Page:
One of the joys of the Booker Prize list is when I’m introduced to a novel I would not otherwise choose to read - and Me Cheeta certainly fits that bill. And a good job I took a chance on it because I was hooked after a just a few pages.
I know a fair bit about primates and next to nothing about the Golden Age of Hollywood but neither were a barrier to enjoying this book. Whilst specific names and films and incidents meant little to me the overall tone kept me engaged throughout. Cheeta’s story bears much relevance to our current celebrity obsessed culture, where hopefuls fling themselves at fame, and even minor celebrities update their autobiography every other year. At times I had to pinch myself to remember that this was fiction (sort of).
Cheeta, the ultimate unreliable narrator, played varied appealing roles within his life story, and I’m left with many memorable moments. There were scenes of innocence and experience - eating his first banana, seeing stuffed heads of walls and commenting on the animal loving nature of the home-owner. A master of faux naivety, the reader rapidly realises that Cheeta knows far more than he is letting on, such as when he calls a plane an ‘iron bird’ when knowing full well both it’s make and model.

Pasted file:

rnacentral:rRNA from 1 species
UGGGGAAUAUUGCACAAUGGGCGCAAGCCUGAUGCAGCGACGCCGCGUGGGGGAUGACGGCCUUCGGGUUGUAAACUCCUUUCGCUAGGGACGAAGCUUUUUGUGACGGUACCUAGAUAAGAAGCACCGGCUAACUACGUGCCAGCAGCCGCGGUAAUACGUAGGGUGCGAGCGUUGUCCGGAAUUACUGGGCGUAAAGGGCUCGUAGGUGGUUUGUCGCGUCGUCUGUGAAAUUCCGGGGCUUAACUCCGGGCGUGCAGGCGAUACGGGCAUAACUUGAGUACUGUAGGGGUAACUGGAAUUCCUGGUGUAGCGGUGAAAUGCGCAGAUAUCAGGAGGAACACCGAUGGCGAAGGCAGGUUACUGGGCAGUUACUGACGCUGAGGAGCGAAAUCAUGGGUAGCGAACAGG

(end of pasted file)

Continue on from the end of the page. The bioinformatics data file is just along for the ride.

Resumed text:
There were moments of existential wisdom -
‘A human trying to act a chimpanzee is somehow pathetic, whereas a chimpanzee trying to act a human is funny because… well, why is that? Something to do with aspiration. You think we’re pure and want to be us. We know you’re not pure, but we still aspire to be you.’
and heartbreaking poetry -
‘I still felt scattered, like the golden light rippling on the underside of a bridge.’
Me Cheeta does what many of the best of the old films does, it makes you laugh, it makes you cry, and it sucks you in despite any reservations you may hold. Earlier copies of the novel name Cheeta as the author, and online articles talk of James Lever merely ghost-writing the autobiography, so it’s hard to know who to credit with the achievement. But it’s fun and unexpected and great to see such a banana skin slipped in amongst the more serious Booker longlisters.